As expected, Google and Samsung took the stage together today to announce a new Google Experience Device, the Nexus Prime, running Android 4.0, aka 'Ice Cream Sandwich'.
First off the bat the new hardware was unveiled, two SKUs for LTE and HSPA+ markets respectively. Rumours were pretty much spot-on and they've confirmed the new phone has a whopping 4.65" HD Super AMOLED display with a resolution of 1280x720, a contrast ratio of 100,000:1 and a response time of 0.01ms. Other hardware specs include a dual-core 1.2Ghz processor, 1GB RAM and 16GB/32GB of storage.
Although the display is larger, Samsung were keen to emphasise that the Galaxy Nexus isn't a significantly bigger phone, having reduced the bezel to 4.29mm and with the body of the phone measuring 8.94mm at its thinnest. They did caveat that the 8.94mm applied to the HSPA+ model, which leaves us presuming that the LTE variant will be a little chunkier and may account for the difference in profile between some of the videos and photos that have done the rounds on the web this week. Comparing dimensions to the previous Samsung flagship Galaxy S II, the new phone is a little over 10mm longer and 2mm wider. As the many leaks prior to the launch have already shown the Nexus has no softkeys, with Ice Cream Sandwich providing new on-screen virtual keys in their place.
Below the screen Samsung have added a notification LED (finally!) and despite the tendency for many to keep their phones safe inside a case of some description, Samsung have covered the back of the new Nexus in something they call 'HyperSkin' - a slip-resistant material to help you keep hold of your new investment.
Other notable components include a barometer, NFC and three small metal 'Pogo Pin' contacts on the side of the device for use with a drop-in dock accessory.
A potential disappointment is the camera, a step back from the 8 megapixel of the Galaxy S II and iPhone 4S, the Galaxy Nexus sports a 5MP camera at the rear, albeit one capable of 1080P with Samsung claiming zero shutter lag for instant photography. No mention was made of the type of sensor or how it performs in low light, although a video demo run later in the presentation showed it to be reasonable.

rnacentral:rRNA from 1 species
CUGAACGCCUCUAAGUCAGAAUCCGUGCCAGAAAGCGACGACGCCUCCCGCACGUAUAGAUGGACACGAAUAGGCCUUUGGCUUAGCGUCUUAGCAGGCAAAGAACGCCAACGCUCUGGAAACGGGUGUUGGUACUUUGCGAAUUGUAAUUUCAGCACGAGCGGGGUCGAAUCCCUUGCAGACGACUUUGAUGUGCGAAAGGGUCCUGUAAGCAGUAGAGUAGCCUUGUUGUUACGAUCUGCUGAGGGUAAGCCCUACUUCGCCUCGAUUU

Android 4.0 - Ice Cream Sandwich
Android really appears to have caught up some ground in the UX department with Ice Cream Sandwich making some significant improvements to the look and feel of Android in addition to the necessary unification of handset/tablet OS. Matias Duarte emphasised the goals for Ice Cream Sandwich and beyond, to Enchant, Simplify and 'Make Us Awesome' .
4.0 is heavily influenced by print and typography and is designed around a new font designed called 'roboto'. Roboto is optimised for paper density displays and is used throughout the OS.
One area of focus during the presentation was that of gestures, whether you're reviewing notifications or using the new app-switcher, you'll be able to swipe across individial objects out of the list to remove them. Obviously a lot is left down to developers, but watching the run through of each of the core apps the new consistency is apparent.
The new virtual buttons are a great addition by the looks, being able to reposition/rotate based on device orientation and giving visual feedback when used. They also mean that when using fullscreen apps they can be hidden entirely, providing more screen real-estate for your books, films and games.
Some of the tweaks are long overdue, ICS will finally give us native screenshot capability (power+volumedown) and a standard media player control which will appear in the notification tray.